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Friday, 23 October 1931

Mr LATHAM (Kooyong) .- Honorable members will agree regarding the importance of the subject-matter of this motion. By a decision of the Seamen's Union in Sydney, interstate shipping is being held up in that port, and already, to some extent, in other ports; there is grave risk of a general stoppage of shipping services throughout the Commonwealth. We read that 26 ships are already idle' in Sydney, and it appears almost inevitable that a large number of vessels in other ports will be affected. The Prime Minister (Mr. Scullin) examined the merits of the dispute on Wednesday last. He pointed out that 400,000 of our citizens are unemployed, and that the action taken by the Seamen's Union is apparently taken at the instance, not of responsible officers of that body, but of entirely irresponsible men. The precipitation of this conflict will inevitably extend unemployment, not only in the shipping industry, but also in many other walks of life. The right honorable gentleman described the dispute as a wanton disregard of the national welfare, and urged the seamen to man the ships without delay. That was on Wednesday. Yesterday the members of the Seamen's Union in Sydney met, and passed a motion which amounts to deliberate defiance of the Commonwealth Government, and a challenge to its authority.

Mr Hughes - Who was in the chair? That is important.

Mr LATHAM - I do not know. I am prepared to accept the Prime Minister's view of the dispute, and, on behalf of the Opposition, I accede to the declaration he made yesterday that the Government will enforce the law unhesitatingly, as it should do in the interests of the community generally. It is often said that those who call attention to the interests of the community on occasions such as this are making provocative statements. We are expected to display in relation to one party to industrial disputes, a tenderness of language which I have never observed to be displayed towards the other party. I am not going to expose myself to any such accusation on this occasion. I shall not say anything more about the merits of the dispute than I have already said. In his statement the Prime Minister clearly recognized the responsibility of the Government, and I wish to say that I appreciate the difficulty of its position. I have had, as a member of a government, experience of a considerable number of disputes of this character, and I take this opportunity of declaring - it is for this purpose, chiefly, that I have submitted the motion - that the Opposition will stand behind the Government in any action it may take within the law, or any reasonable action under new laws, to restore the shipping services, which are all-important at the present time to the community as a whole.

Mr Paterson - Both sections of the Opposition will do that.

Mr LATHAM - The country cannot afford to have its trade and commerce tied up at the present time at the bidding of a few irresponsible men, or at the bidding of anybody. It is essential to obtain, as quickly as possible, and immediately, if possible, the restoration of these services. That is necessary, in the interests of the Australian shipping industry as well as in the interests of the community generally. The shipping industry has been gravely handicapped for many years, owing to the unreasonable and arbitrary action, from time to time of some Australian seamen.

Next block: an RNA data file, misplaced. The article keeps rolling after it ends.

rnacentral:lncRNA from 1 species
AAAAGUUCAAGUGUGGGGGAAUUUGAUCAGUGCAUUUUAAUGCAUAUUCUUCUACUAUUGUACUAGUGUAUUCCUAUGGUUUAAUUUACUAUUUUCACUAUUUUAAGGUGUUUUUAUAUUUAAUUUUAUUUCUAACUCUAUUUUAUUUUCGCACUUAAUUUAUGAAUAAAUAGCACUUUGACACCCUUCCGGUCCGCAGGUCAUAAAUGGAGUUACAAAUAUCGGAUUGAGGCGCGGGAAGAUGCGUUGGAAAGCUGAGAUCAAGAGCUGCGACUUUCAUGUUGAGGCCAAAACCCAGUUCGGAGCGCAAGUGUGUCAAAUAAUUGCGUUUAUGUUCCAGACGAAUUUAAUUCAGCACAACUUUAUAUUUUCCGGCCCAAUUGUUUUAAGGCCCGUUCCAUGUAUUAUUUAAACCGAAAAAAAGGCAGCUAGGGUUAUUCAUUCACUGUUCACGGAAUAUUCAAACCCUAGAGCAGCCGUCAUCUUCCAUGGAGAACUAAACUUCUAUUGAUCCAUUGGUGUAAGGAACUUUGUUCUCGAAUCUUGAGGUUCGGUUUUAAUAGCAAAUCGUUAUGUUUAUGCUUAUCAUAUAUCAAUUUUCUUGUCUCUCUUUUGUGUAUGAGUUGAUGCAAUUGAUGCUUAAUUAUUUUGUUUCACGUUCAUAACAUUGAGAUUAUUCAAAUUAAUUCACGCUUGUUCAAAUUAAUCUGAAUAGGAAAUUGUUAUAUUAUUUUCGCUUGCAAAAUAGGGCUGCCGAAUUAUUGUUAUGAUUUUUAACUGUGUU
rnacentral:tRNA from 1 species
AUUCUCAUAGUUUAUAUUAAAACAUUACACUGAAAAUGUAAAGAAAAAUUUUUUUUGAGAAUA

As to what should be done, I do not propose to descend to details; I do not desire to say anything which may embarrass the Government on this occasion. I wish to give an assurance of support from this side of the House to any fair, reasonable, and proper action that the Government may take to bring about the restoration of the services. The matter cannot be allowed to drag on, and wait indefinitely. There is a clear principle involved, and, if a particular body of men refuses to carry on the essential services of the community, it will be the duty of the Government to do everything it can to protect other men who are prepared to carry on under fair terms and conditions. I shall say nothing so far as prosecutions are concerned. As a former Attorney-General, I know quite well that it is very often difficult to obtain evidence demonstrating the truth of statements published in the press. All I shall say is that, where there is evidence of a definite breach; the law ought to be enforced, and the whole of the law on the statute-book ought to be regarded for this purpose. I hope that the Government will treat this matter as one of the most instant urgency, and of most profound importance. The interests of the community are most gravely affected by what is taking place. If prompt action is taken, it may result in an immediate settlement; but, if the dispute is allowed to drift, and to extend still further, it is difficult to sec where the end will be, more particularly having regard to some of the influences associated with the origin of the trouble.

One element that ought to be considered is the declaration of a certain number of citizens organized in Sydney, that they will take the matter into their own hands. As a member of Parliament, I do not believe in action of that character by any body of citizens, so long as there is a ministry which is governing and recognizing the responsibilities of government. Of course, if the Ministry should be a government which abdicated its responsibility, and was not prepared to protect the citizens in their daily work, and to do everything in its power to maintain the essential services of the community, new problems would arise; but, until that happens, the matter should be left in the hands' of the constitutional authority of the country. I conclude by saying that the Opposition will support the Government in any proper action it may take to bring about the restoration of this all-important service.

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